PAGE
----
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Indian, Chinese defence ministers meet amid border tensions


NEW DELHI —
Defence ministers of India and China met in the Russian capital as the two sides try to resolve rising tensions along their disputed border in the eastern Ladakh region, where a June clash killed 20 Indian soldiers.

Neither side gave details of the meeting Friday between India’s Rajnath Singh and China’s Gen. Wei Fenghe. It was the first high-level contact between the two sides since the standoff erupted months ago in the Karakorum mountains.

The ministers met on the sidelines of a gathering of the defence chiefs of the Shanghai Cooperation Organization. The body comprises China, India, Pakistan, Russia, Kazakhstan, Krgyzstan, Tajikistan and Uzbekistan.

“Peace and security in the region demands a climate of trust, non-aggression, peaceful resolution of differences and respect for international rules,” Singh said at the meeting.

Wei told Singh the sides should “cool down” the situation and “maintain peace and tranquility,” the Chinese Ministry of Defence said on its website. However, it said responsibility for the tension “lies completely with India.”

“Not one inch of Chinese territory can be lost,” the Ministry of Defence said.

The disputed 3,500-kilometre (2,175-mile) border between the world’s two most populous countries stretches from the Ladakh region in the north to the Indian state of Sikkim. The latest standoff is over portions of a pristine landscape that boasts the world’s highest landing strip and a glacier that feeds one of the largest irrigation systems in the world.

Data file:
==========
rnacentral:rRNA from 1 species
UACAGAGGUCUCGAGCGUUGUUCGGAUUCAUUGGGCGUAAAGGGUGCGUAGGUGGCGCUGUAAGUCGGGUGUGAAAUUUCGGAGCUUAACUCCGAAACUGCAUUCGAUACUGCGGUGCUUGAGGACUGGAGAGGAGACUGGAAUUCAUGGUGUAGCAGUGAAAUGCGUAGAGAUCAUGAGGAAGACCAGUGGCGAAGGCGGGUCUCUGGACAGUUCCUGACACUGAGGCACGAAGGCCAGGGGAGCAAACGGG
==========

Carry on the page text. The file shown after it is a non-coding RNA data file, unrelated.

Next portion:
Both sides accuse the other of provocative behaviour including crossing into each other’s territory this week, and both have vowed to protect their territorial integrity.

India’s army chief, Gen. M.M. Naravane, visited the region Thursday and Friday and met with soldiers deployed in difficult terrain above 4,300 metres (14,000 feet), the Indian Ministry of Defence said.

India said its soldiers thwarted movements by China’s military last weekend. China accused Indian troops of crossing established lines of control.

The two nations fought a border war in 1962 that spilled into Ladakh and ended in an uneasy truce. Since then, troops have guarded the undefined border area, occasionally brawling. They have agreed not to attack each other with firearms.

Rival soldiers brawled in May and in June fought with clubs, stones and fists, leaving 20 Indian soldiers dead. China reported no casualties.

Both sides have pledged to safeguard their territory but also try to end the standoff, which has dramatically changed the India-China relationship. Several rounds of military and diplomatic talks on the crisis have been unsuccessful.

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This story has been corrected to remove reference to Chinese casualties.



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The European Union’s Security and Defence Policy Beyond COVID-19 – E-International Relations


As Europe went from being the epicenter of the coronavirus pandemic to a situation where most European countries are confident that they are past the worst of the crisis, the focus of the European leaders is now towards the resurgence of the society back to normalcy. Beyond the epidemiological challenge of the virus – the economic, political, geopolitical as well as security challenges faced by the Union are also plenty. Though the European Union’s Global Strategy of 2016 (PDF) highlighted the detection, prevention and response to global pandemics as a priority, the massive consequences and implications on the security policy of the EU are unprecedented. In a continent that is always undergoing shifts, the outbreak of COVID-19 is likely to cause an impact much similar to that of the fall of the Berlin Wall in 1989 and the 9/11 terror attacks on the United States of America in 2001.

The most direct and immediate impact is economic in nature which is taking place concurrently to the pandemic. Most European companies including the EU defence firms are witnessing a historic drop in their stock market prices. This is subsequently leading to a rise in their debt ratios and eventually causing a functional threat to their survival. Further, as the public authorities are channelling their resources towards fighting an unprecedented challenge, the funding towards the defence sector and its initiatives is bound to be diminished.